In the opposite limit of αR > Δxc the magnitude of Mtom can be enhanced drastically with respect to the topologically quantized value. When ħαR reaches a magnitude of about 1 eV Å, the emergent field picture breaks down and we discover a drastic increase in Néel–mtom by as much as one order of magnitude upon increasing αR. And although mtom is not topologically quantized in this regime, it still attains a distinctly different magnitude for different skyrmion charges, and while it is weakly dependent on the c/w ratio (up to a couple of percent), when c = const the variations of w keep mtom strictly constant (see the insets in Fig. 4 with c = 0). The latter robustness can be demonstrated already analytically on the level of Eq. (4) using the transformation of coordinates x → x/w. Remarkably, in the regime of enhanced SOI, the strong dependence of the local TOM on the helicity of the skyrmion (i.e., Néel or Bloch), uncovered in Fig. 2, is translated into a drastic dependence of the overall topological orbital moment on the way that the magnetization rotates from the core towards the outside region, as shown in Fig. 4. Such behavior of the topological orbital moment with respect to deformations of the underlying texture suggests that monitoring the dynamics of the orbital magnetization in skyrmionic systems can be used not only to detect the formation of skyrmions with different charge, but also to distinguish various types of dynamical “breathing” modes of skyrmion dynamics36.

Discussion

On a fundamental level, COM and TOM arise as a consequence of the changes in the local electronic structure caused by a non-collinear magnetization texture. Since the effective magnetic fields directly couple to the orbital degree of freedom, they lead to the emergence of chiral and topological orbital magnetization. While this intuitive interpretation in terms of real-space gauge fields eventually breaks down at large SOI, it makes room for a regime of strong enhancement in which the intertwined topologies of real- and reciprocal space lead to novel design aspects in the bandstructure engineering of orbital physics. This is possible by exploiting either the spin–orbit interaction or the dispersive behavior of the bands, i.e., their effective mass. In particular, the metallic point in the mixed parameter space of the non-collinear Rashba model reveals its strong impact on COM and TOM. Such critical points will have a pronounced effect on the orbital magnetism even if they are emerging on the background of metallic bands in transition-metal systems. Therefore, our analysis indicates in which materials an experimental detection of orbital magnetism that is originating from non-collinearity is the most feasible. By numerically evaluating the magnitude and real-space behavior of the TOM and COM, we thereby uncover that by tuning the parameters of surface and interfacial systems the orbital magnetism of domain walls and chiral skyrmions can be engineered in a desired way.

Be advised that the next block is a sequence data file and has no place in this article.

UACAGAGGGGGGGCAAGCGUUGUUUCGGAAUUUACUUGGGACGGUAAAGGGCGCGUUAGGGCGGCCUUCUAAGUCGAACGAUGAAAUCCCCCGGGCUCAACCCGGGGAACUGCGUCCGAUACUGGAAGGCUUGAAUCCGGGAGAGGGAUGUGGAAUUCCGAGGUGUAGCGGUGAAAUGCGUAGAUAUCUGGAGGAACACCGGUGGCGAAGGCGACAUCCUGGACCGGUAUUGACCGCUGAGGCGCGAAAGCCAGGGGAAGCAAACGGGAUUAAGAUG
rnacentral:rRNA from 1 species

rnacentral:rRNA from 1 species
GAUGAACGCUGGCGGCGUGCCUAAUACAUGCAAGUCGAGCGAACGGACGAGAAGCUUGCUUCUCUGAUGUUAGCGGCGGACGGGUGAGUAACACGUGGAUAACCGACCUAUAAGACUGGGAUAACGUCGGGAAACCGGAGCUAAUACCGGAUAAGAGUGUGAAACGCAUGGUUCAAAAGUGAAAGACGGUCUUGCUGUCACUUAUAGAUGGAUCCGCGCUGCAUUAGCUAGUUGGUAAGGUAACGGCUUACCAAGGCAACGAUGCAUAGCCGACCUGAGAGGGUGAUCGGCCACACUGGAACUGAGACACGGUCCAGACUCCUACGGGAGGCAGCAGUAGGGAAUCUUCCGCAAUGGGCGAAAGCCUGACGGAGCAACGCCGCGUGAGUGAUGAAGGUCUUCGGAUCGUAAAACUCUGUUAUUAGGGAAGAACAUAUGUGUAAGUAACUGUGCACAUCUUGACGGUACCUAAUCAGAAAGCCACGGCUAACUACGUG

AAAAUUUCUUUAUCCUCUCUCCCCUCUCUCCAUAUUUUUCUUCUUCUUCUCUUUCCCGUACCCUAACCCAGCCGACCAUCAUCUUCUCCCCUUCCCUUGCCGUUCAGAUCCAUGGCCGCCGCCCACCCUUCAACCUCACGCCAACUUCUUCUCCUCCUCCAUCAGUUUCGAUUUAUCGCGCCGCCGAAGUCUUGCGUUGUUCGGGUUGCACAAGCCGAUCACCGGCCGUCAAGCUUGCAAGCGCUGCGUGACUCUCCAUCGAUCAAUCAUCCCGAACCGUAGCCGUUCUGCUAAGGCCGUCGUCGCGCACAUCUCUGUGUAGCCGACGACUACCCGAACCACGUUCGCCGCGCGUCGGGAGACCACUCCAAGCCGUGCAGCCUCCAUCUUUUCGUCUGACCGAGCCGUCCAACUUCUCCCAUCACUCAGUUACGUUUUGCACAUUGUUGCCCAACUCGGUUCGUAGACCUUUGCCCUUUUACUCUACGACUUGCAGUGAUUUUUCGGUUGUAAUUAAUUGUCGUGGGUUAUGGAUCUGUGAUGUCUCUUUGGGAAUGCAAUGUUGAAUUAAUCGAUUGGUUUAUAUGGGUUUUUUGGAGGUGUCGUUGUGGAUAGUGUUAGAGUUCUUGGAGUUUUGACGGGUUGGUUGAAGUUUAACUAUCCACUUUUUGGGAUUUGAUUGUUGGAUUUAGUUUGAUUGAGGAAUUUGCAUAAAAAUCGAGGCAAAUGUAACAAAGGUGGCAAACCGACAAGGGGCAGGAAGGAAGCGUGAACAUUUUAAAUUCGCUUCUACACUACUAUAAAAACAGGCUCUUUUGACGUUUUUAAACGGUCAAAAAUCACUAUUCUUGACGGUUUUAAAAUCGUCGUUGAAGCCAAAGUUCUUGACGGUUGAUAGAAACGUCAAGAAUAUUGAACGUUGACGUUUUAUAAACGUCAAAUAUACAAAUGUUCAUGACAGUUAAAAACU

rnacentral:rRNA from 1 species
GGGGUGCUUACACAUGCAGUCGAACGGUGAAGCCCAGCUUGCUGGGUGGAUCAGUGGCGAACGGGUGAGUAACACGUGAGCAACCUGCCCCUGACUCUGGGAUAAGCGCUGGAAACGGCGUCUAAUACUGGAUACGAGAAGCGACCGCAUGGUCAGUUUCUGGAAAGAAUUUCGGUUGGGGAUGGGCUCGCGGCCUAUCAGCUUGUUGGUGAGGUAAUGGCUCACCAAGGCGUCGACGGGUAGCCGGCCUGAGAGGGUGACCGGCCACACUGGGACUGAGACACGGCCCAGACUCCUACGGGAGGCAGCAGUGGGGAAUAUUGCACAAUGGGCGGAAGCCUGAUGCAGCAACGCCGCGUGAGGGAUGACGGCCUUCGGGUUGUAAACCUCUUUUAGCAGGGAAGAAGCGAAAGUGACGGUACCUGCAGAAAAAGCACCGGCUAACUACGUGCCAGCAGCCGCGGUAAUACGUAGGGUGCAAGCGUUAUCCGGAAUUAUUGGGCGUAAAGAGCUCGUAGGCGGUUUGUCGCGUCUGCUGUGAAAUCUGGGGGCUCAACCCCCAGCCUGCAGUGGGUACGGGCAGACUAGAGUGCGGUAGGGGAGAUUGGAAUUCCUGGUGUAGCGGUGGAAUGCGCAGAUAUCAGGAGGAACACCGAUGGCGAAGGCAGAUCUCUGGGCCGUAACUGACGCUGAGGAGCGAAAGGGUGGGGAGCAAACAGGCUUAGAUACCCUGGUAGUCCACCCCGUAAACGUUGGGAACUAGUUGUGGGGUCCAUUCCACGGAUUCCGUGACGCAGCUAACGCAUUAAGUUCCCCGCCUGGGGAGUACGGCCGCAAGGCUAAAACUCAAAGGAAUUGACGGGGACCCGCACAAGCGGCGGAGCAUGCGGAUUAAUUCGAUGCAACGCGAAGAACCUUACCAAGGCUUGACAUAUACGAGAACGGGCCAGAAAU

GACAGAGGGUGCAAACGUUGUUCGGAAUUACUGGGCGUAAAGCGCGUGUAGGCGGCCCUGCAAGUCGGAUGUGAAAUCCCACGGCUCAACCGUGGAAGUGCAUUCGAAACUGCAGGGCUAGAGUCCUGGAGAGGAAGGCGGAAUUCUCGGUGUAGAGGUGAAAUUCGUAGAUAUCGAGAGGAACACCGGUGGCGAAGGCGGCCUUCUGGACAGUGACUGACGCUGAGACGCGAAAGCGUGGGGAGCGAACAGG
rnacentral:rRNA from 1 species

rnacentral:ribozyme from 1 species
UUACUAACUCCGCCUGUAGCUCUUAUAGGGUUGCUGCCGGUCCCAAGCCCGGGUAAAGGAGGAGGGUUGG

Concerning experimental observation of the effects discussed here, Mtom and Mcom could be accessible by techniques such as off-axis electron holography37 (sensitive to local distribution of magnetic moments), or scanning tunneling spectroscopy (sensitive to the local electronic structure) in terms of B-field induced changes in the dI/dU or d2I/dU2 spectra38. An already existing proposal for the detection of non-collinearity driven orbital magnetization of skyrmions by Dias et al.9 relies on X-ray magnetic circular dichroism (XMCD), which is able to distinguish orbital contributions to the magnetization from the spin contributions9.